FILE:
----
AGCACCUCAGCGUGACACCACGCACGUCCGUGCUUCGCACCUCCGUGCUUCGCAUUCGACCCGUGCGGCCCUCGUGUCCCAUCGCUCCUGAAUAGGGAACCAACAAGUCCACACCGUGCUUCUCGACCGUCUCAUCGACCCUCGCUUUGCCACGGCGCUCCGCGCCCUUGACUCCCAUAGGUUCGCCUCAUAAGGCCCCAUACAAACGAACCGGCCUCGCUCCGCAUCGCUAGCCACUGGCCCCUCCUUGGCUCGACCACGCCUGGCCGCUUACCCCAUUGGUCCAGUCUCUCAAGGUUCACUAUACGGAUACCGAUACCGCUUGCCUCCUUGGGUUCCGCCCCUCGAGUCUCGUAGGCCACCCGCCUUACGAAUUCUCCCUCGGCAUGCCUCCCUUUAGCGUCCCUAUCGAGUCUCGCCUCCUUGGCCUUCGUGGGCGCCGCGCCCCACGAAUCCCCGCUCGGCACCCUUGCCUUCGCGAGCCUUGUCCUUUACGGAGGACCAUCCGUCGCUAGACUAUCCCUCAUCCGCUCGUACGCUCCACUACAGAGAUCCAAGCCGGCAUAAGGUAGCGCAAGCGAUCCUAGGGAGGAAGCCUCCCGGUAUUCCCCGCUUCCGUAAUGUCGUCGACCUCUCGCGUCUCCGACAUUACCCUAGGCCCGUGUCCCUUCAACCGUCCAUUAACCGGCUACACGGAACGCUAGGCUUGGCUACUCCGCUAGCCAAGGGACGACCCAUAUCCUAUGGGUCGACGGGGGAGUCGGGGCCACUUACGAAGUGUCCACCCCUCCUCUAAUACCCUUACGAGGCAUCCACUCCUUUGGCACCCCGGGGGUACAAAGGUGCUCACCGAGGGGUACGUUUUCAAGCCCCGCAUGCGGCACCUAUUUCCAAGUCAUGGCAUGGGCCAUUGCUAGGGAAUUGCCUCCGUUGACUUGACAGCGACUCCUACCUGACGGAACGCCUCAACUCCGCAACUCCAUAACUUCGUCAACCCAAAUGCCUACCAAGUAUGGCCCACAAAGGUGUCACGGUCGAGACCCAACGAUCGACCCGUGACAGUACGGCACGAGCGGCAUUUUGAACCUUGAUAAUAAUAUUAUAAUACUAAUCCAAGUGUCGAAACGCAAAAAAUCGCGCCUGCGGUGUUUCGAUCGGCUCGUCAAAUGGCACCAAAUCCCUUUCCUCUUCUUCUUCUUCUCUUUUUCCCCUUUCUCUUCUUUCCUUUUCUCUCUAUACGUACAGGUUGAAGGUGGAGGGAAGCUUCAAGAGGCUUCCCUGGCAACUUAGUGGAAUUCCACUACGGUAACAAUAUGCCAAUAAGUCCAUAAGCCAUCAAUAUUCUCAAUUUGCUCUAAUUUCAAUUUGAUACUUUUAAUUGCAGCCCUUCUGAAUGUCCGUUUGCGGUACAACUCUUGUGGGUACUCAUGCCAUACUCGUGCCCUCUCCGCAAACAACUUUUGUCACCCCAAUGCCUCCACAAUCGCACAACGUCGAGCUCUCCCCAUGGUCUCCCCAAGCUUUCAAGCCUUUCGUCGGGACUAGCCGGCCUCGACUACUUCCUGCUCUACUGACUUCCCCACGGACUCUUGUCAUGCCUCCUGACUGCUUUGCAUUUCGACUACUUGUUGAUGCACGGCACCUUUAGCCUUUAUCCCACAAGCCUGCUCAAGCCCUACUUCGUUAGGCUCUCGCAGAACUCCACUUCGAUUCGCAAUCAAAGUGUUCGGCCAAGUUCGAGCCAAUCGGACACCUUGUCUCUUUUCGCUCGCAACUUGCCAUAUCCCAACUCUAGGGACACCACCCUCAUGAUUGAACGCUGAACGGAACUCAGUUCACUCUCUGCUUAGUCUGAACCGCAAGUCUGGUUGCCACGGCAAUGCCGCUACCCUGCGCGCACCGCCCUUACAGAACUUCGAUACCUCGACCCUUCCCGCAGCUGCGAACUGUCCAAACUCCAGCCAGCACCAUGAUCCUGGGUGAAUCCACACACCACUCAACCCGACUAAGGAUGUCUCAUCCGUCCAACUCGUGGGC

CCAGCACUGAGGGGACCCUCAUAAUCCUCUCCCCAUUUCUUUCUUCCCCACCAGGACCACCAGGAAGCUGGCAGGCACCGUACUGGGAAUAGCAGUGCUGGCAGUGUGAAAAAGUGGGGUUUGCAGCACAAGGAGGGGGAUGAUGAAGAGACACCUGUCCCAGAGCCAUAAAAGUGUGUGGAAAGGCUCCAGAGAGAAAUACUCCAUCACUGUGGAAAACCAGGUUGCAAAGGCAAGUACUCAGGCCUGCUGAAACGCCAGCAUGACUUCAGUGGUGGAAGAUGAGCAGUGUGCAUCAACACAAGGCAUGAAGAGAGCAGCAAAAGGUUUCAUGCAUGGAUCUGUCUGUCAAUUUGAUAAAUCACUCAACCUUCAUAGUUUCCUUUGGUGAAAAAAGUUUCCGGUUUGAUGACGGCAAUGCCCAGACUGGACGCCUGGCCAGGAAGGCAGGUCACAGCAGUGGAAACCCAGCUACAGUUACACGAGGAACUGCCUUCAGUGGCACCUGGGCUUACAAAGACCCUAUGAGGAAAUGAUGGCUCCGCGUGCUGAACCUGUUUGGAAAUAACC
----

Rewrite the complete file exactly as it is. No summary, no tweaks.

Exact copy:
AGCACCUCAGCGUGACACCACGCACGUCCGUGCUUCGCACCUCCGUGCUUCGCAUUCGACCCGUGCGGCCCUCGUGUCCCAUCGCUCCUGAAUAGGGAACCAACAAGUCCACACCGUGCUUCUCGACCGUCUCAUCGACCCUCGCUUUGCCACGGCGCUCCGCGCCCUUGACUCCCAUAGGUUCGCCUCAUAAGGCCCCAUACAAACGAACCGGCCUCGCUCCGCAUCGCUAGCCACUGGCCCCUCCUUGGCUCGACCACGCCUGGCCGCUUACCCCAUUGGUCCAGUCUCUCAAGGUUCACUAUACGGAUACCGAUACCGCUUGCCUCCUUGGGUUCCGCCCCUCGAGUCUCGUAGGCCACCCGCCUUACGAAUUCUCCCUCGGCAUGCCUCCCUUUAGCGUCCCUAUCGAGUCUCGCCUCCUUGGCCUUCGUGGGCGCCGCGCCCCACGAAUCCCCGCUCGGCACCCUUGCCUUCGCGAGCCUUGUCCUUUACGGAGGACCAUCCGUCGCUAGACUAUCCCUCAUCCGCUCGUACGCUCCACUACAGAGAUCCAAGCCGGCAUAAGGUAGCGCAAGCGAUCCUAGGGAGGAAGCCUCCCGGUAUUCCCCGCUUCCGUAAUGUCGUCGACCUCUCGCGUCUCCGACAUUACCCUAGGCCCGUGUCCCUUCAACCGUCCAUUAACCGGCUACACGGAACGCUAGGCUUGGCUACUCCGCUAGCCAAGGGACGACCCAUAUCCUAUGGGUCGACGGGGGAGUCGGGGCCACUUACGAAGUGUCCACCCCUCCUCUAAUACCCUUACGAGGCAUCCACUCCUUUGGCACCCCGGGGGUACAAAGGUGCUCACCGAGGGGUACGUUUUCAAGCCCCGCAUGCGGCACCUAUUUCCAAGUCAUGGCAUGGGCCAUUGCUAGGGAAUUGCCUCCGUUGACUUGACAGCGACUCCUACCUGACGGAACGCCUCAACUCCGCAACUCCAUAACUUCGUCAACCCAAAUGCCUACCAAGUAUGGCCCACAAAGGUGUCACGGUCGAGACCCAACGAUCGACCCGUGACAGUACGGCACGAGCGGCAUUUUGAACCUUGAUAAUAAUAUUAUAAUACUAAUCCAAGUGUCGAAACGCAAAAAAUCGCGCCUGCGGUGUUUCGAUCGGCUCGUCAAAUGGCACCAAAUCCCUUUCCUCUUCUUCUUCUUCUCUUUUUCCCCUUUCUCUUCUUUCCUUUUCUCUCUAUACGUACAGGUUGAAGGUGGAGGGAAGCUUCAAGAGGCUUCCCUGGCAACUUAGUGGAAUUCCACUACGGUAACAAUAUGCCAAUAAGUCCAUAAGCCAUCAAUAUUCUCAAUUUGCUCUAAUUUCAAUUUGAUACUUUUAAUUGCAGCCCUUCUGAAUGUCCGUUUGCGGUACAACUCUUGUGGGUACUCAUGCCAUACUCGUGCCCUCUCCGCAAACAACUUUUGUCACCCCAAUGCCUCCACAAUCGCACAACGUCGAGCUCUCCCCAUGGUCUCCCCAAGCUUUCAAGCCUUUCGUCGGGACUAGCCGGCCUCGACUACUUCCUGCUCUACUGACUUCCCCACGGACUCUUGUCAUGCCUCCUGACUGCUUUGCAUUUCGACUACUUGUUGAUGCACGGCACCUUUAGCCUUUAUCCCACAAGCCUGCUCAAGCCCUACUUCGUUAGGCUCUCGCAGAACUCCACUUCGAUUCGCAAUCAAAGUGUUCGGCCAAGUUCGAGCCAAUCGGACACCUUGUCUCUUUUCGCUCGCAACUUGCCAUAUCCCAACUCUAGGGACACCACCCUCAUGAUUGAACGCUGAACGGAACUCAGUUCACUCUCUGCUUAGUCUGAACCGCAAGUCUGGUUGCCACGGCAAUGCCGCUACCCUGCGCGCACCGCCCUUACAGAACUUCGAUACCUCGACCCUUCCCGCAGCUGCGAACUGUCCAAACUCCAGCCAGCACCAUGAUCCUGGGUGAAUCCACACACCACUCAACCCGACUAAGGAUGUCUCAUCCGUCCAACUCGUGGGC

CCAGCACUGAGGGGACCCUCAUAAUCCUCUCCCCAUUUCUUUCUUCCCCACCAGGACCACCAGGAAGCUGGCAGGCACCGUACUGGGAAUAGCAGUGCUGGCAGUGUGAAAAAGUGGGGUUUGCAGCACAAGGAGGGGGAUGAUGAAGAGACACCUGUCCCAGAGCCAUAAAAGUGUGUGGAAAGGCUCCAGAGAGAAAUACUCCAUCACUGUGGAAAACCAGGUUGCAAAGGCAAGUACUCAGGCCUGCUGAAACGCCAGCAUGACUUCAGUGGUGGAAGAUGAGCAGUGUGCAUCAACACAAGGCAUGAAGAGAGCAGCAAAAGGUUUCAUGCAUGGAUCUGUCUGUCAAUUUGAUAAAUCACUCAACCUUCAUAGUUUCCUUUGGUGAAAAAAGUUUCCGGUUUGAUGACGGCAAUGCCCAGACUGGACGCCUGGCCAGGAAGGCAGGUCACAGCAGUGGAAACCCAGCUACAGUUACACGAGGAACUGCCUUCAGUGGCACCUGGGCUUACAAAGACCCUAUGAGGAAAUGAUGGCUCCGCGUGCUGAACCUGUUUGGAAAUAACC